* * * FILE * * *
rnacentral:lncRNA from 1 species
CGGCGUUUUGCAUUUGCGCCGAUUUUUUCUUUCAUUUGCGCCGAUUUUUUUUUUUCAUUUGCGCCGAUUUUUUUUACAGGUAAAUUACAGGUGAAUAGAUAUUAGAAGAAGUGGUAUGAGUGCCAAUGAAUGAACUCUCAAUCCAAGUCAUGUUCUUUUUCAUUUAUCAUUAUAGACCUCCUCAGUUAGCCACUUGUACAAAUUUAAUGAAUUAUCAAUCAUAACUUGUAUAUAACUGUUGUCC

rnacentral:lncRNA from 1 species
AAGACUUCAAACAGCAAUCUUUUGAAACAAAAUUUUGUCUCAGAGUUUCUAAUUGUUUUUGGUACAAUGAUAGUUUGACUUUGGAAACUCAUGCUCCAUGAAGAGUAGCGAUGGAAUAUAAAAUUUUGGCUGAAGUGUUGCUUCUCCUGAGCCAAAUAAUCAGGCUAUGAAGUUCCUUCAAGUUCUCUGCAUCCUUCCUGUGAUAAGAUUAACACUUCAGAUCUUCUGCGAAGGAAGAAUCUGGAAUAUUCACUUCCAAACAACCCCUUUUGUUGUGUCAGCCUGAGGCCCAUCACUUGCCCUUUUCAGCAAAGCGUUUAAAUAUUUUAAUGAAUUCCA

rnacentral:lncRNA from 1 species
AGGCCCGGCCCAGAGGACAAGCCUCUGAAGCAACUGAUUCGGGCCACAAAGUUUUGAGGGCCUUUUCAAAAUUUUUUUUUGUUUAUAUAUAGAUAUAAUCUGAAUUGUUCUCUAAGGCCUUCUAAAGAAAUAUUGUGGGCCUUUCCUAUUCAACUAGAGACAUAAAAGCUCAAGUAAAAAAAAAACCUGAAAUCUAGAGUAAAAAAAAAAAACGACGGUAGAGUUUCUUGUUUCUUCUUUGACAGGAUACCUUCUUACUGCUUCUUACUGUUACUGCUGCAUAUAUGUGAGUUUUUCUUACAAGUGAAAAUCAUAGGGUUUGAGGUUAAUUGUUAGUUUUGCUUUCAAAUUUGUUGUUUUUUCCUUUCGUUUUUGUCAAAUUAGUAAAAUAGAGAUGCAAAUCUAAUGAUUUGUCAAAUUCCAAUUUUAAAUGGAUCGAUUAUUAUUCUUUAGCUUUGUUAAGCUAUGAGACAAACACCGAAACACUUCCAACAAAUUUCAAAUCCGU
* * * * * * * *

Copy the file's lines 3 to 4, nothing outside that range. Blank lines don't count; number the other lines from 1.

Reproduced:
rnacentral:lncRNA from 1 species
AAGACUUCAAACAGCAAUCUUUUGAAACAAAAUUUUGUCUCAGAGUUUCUAAUUGUUUUUGGUACAAUGAUAGUUUGACUUUGGAAACUCAUGCUCCAUGAAGAGUAGCGAUGGAAUAUAAAAUUUUGGCUGAAGUGUUGCUUCUCCUGAGCCAAAUAAUCAGGCUAUGAAGUUCCUUCAAGUUCUCUGCAUCCUUCCUGUGAUAAGAUUAACACUUCAGAUCUUCUGCGAAGGAAGAAUCUGGAAUAUUCACUUCCAAACAACCCCUUUUGUUGUGUCAGCCUGAGGCCCAUCACUUGCCCUUUUCAGCAAAGCGUUUAAAUAUUUUAAUGAAUUCCA